This doesn’t, however, change my agreement with what he’s encouraging with his video. When he says that well-established creators should work on their own projects, I have to agree. Yes, it’s presumptuous. Let’s get that out of the way. People have to make their own decisions. I loved NEW FRONTIER as much as the next guy, and I loved it when Darwyn Cooke revisited a chapter of his vision of the JLA for that one-shot. But I’d have been much more interested in seeing what Mr. Cooke has to say with his own creations, his own visions.

In that regard, Mr. Kirkman is right. Comics would be better served by more diversity, assuming we could build an audience to pick up on this new material. For a variety of reasons, I’m not highly encouraged about this possibility. Take SEAGUY for instance. Grant Morrison, at the time, was a well-regarded writer (still is) who’d just returned to DC from a stint at Marvel (where he did pretty damn well in terms of sales). Comparing SEAGUY sales to NEW X-MEN sales, though, is an exercise in eye-clawing frustration. Yes, to be fair, it’s like comparing apples to wiggling crustaceans, but NEW X-MEN sold more copies than Morrison’s other, more personal (and more outright weird) creation. Honestly, I don’t think SEAGUY could have even been promoted to the point where its sales would have gotten to even half of the Merry Mutants, even if you’d strapped it to a rocket with Jim Lee art on the nose-cone.

But, that’s perhaps an unfair example. Look at Ed Brubaker’s work on CRIMINAL versus CAPTAIN AMERICA. No, they’re not the same kind of book on their faces. One’s crime fiction and the other is DVD-age superheroics. The audiences in the Direct Market for these two books will not be the same. Last I checked (and I’m too lazy to do it again), CAPTAIN AMERICA sells three times more copies than CRIMINAL. Mr. Brubaker does a lot to sell CRIMINAL in the DM, and he doesn’t have to do as much to sell CAPTAIN AMERICA and see greater returns. So perhaps my earlier judgment about characters not totally driving book sales might need re-examination. Or I’m choosing my cases poorly again.

That said, I’m firmly of the opinion that comics as a whole needs more books like CRIMINAL, more personal and working in different genres/modes. It still kills me to hear that people think of comics as a genre in and of themselves, and that really it’s all about superheroics. I do what I can to educate and show folks what comics really have to offer, but still, there’s pockets of ignorance.

Wow. Getting far afield here.

There’s other points in the video that I have to agree with as well, namely Mr. Kirkman’s desire to get more comics for kids out there. Of course, we have to get kids into the DM stores to buy those comics or they won’t get ordered for kids to read them in the first place. That’s the trick, isn’t it? However, I have to disagree pretty strongly with his belief that the Marvel Adventures aren’t a good entry point for kids and that they dumb down the material or talk down to their audience. There’s more wry humor in a lot of those than in entire runs of Deadly Serious Superhero comics.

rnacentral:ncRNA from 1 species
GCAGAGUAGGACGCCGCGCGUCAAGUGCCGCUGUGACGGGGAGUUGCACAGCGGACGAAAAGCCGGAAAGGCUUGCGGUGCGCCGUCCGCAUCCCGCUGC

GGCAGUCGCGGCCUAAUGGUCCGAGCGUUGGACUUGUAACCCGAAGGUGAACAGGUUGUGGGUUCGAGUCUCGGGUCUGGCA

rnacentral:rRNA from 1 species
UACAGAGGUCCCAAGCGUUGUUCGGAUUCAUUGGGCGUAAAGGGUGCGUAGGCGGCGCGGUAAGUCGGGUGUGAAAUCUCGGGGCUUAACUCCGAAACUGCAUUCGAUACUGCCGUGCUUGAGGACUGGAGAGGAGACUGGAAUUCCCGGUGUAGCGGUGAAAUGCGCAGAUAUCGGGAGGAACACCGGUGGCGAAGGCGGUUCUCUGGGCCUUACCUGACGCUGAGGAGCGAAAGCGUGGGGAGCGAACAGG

This isn’t to say that there shouldn’t be challenging material for older kids. There should. But you need to start readers somewhere. And have I told you this story? I’ll throw a copy of the CRIMINAL trade at my dad for him to read long before I throw him a CAPTAIN AMERICA (though if he let himself get into that, he’d probably enjoy it, too.)

Mr. Kirkman’s heart (like my own) is in the right place. I’m not sure his video will have the impact that he wants it to (in truth, he’s largely preaching to the choir). Many of his observations aren’t substantially different than much of the comics blogosphere, though he certainly enjoys a privileged position from which to speak (and he’ll be attacked on that basis). As a manifesto, though, it’s a bit on the rambly side (as opposed to my razor-sharp and incisive posting here, heh). It wanders and he asks the impossible (like a summit between the two leaders of the US comic industry to address structural issues), and is very optimistic at its core. Which is why it draws ire (such as my initial critique of “easy for you to say, bud”). This address won’t be the platform upon which major change is built, but it is a reminder that there are issues which need to be addressed if the industry is to grow in a sustainable fashion and not depend on outside trends.

Getting nearly a million copies of WATCHMEN out to readers is a once-in-a-lifetime thing. Let’s hope they actually read it and hope that it doesn’t become a GUB (great unread bestseller, as THE NAME OF THE ROSE, for instance, was dubbed). But this phenomena is up for examination at a different time.

In the meantime, I sincerely wish Mr. Kirkman the best of fortune if he really intends another surge in the ongoing independent revolution in comics. If Image can become synonymous with “creator-owned” then more power to them. If they can steer readers to books and expand the marketplace as a whole, even better.

Matt Maxwell